Missing (Thursdays at 8:00 on ABC)
Once a promiseless, 10-episode blind commitment, summer schedule filler ABC was putting together on the cheap, Missing blossomed into a full-blown midseason replacement with a couple of big-name actors shooting on location across Europe. Unfortunately, the actors and the budget can't save a dull script and an uninspired storyline.
Rebecca Winstone (Ashley Judd) had her life turned upside down ten years ago when her husband (Sean Bean) was killed in a car bomb in Vienna while her young son watched. Now her son (Nick Eversman) is going off to college in Rome, so Becca must cut the chord and let him go. A few weeks later, however, Becca hasn't heard from him; she learns he hasn't showed up to classes and has been kicked out of his program, so she drops by to check in, only to find an Italian assassin waiting for her. But we soon learn that Becca is ex-CIA, so she makes quick work of the assassin and sets out across Europe, with the help of a past flame (Adriano Giannini), to find her missing son.
Missing has all the makings of a Lifetime movie-of-the-week, from its entirely cliche and overly sappy opening to its brazen and groan-inducing one-liners ("I am not CIA, I am a mother looking for her son!"). Gregory Poirier's script is lifeless, particularly the stilted dialogue in the eyeroll-worthy opening segment where Becca chats with her husband about having more children, seconds before he is blown up. This shouldn't come as a surprise considering Poirier's past credits are terrible films: A Sound of Thunder, The Spy Next Door, Tomcats, See Spot Run, Gossip, National Treasure: Book of Secrets, etc. He essentially is taking a plot that needs no more than 90 minutes to wrap up and belaboring it for ten 40 minute installments. To fill the unnecessary time alottment, we get about a dozen scenes of Ashley Judd beating up men with guns using just her bare hands, car chases, shoot-outs, kidnappings, escapes, and every other action movie cliche you could think of. It's a predictable, wholly unbelievable, sloppy mess of a script.
Speaking of Ashley Judd, while she lends a bit of credibility to the project, she's not up to the task of saving Missing. Her character is so one-note that Judd isn't able to do much but look upset and grunt. And Becca Winstone is basically an amalgamation of several roles Judd has played previously in Double Jeopardy, Eye of the Beholder and Twisted. Sean Bean (Game of Thrones) has about 60 seconds of screen time, but I'd be willing to bet that he'll be back; I mean, you don't cast Sean Bean in your television show and kill him off for good after a minute of the pilot... which makes the rest of the proceedings even more predictable. Judd is surrounded by a bunch of one-note actors playing stock roles (hard-assed CIA agent, former lover, young man waiting to be away from his smothering mother, scorned girlfriend, blah blah). The best thing about Missing is the beautiful cinematography; shooting a show about a trek across Europe on location was a necessity, and it pays off as a fantastic backdrop. Unfortunately even the cinematography undercuts itself; for every gorgeous shot of a European city, there is a scene in which we aren't sure what exactly is happening because it's so dark and heavily edited that it just looks like shadows fighting each other.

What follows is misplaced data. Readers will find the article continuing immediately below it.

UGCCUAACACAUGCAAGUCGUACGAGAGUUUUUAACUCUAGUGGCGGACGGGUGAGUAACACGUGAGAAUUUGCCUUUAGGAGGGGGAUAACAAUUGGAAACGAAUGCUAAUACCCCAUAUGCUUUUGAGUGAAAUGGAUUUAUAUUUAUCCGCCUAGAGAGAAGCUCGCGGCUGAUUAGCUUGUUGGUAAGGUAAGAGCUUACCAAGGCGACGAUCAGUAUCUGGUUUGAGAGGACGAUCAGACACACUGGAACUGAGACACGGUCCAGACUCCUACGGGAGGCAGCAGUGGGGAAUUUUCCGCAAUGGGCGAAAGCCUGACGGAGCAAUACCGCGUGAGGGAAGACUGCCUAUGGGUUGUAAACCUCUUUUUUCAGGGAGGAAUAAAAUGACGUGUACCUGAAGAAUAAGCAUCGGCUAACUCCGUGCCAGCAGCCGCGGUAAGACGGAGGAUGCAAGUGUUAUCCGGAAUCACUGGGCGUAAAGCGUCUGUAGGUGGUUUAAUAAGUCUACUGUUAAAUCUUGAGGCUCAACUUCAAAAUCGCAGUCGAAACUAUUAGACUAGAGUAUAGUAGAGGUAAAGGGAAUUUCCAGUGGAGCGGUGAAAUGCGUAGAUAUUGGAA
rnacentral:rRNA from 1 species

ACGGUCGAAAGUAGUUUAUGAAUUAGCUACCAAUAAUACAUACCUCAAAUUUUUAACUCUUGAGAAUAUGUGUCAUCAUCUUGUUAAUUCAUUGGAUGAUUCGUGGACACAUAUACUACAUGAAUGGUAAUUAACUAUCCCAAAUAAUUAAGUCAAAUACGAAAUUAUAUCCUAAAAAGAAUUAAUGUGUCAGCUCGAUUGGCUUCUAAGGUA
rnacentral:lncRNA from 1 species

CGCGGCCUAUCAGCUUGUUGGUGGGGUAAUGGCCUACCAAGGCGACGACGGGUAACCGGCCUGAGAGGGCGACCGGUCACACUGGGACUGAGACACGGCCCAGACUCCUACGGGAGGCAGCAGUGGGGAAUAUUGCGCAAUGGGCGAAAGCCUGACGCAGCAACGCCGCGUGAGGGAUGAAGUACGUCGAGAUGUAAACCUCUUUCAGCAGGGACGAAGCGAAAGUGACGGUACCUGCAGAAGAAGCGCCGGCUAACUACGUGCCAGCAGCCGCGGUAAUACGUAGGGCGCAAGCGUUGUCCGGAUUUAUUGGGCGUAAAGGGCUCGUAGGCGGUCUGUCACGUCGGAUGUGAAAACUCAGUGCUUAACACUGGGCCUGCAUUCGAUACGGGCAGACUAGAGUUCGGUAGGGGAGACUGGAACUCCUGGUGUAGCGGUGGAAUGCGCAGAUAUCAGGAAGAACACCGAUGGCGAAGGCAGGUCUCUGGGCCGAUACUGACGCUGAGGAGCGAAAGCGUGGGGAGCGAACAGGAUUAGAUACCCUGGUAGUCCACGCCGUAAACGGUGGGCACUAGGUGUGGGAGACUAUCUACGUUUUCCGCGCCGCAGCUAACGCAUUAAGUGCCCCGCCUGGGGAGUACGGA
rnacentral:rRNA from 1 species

All in all, there's the genesis of something entertaining and fun in Missing. But it's bogged down by awful writing, mediocre acting, endless action scenes that don't advance the plot, and sloppy editing. ABC should've stuck with this as low-budget summer fare; at least then it might have had a fun camp quality about it to help the viewer through all the heavy-handedness.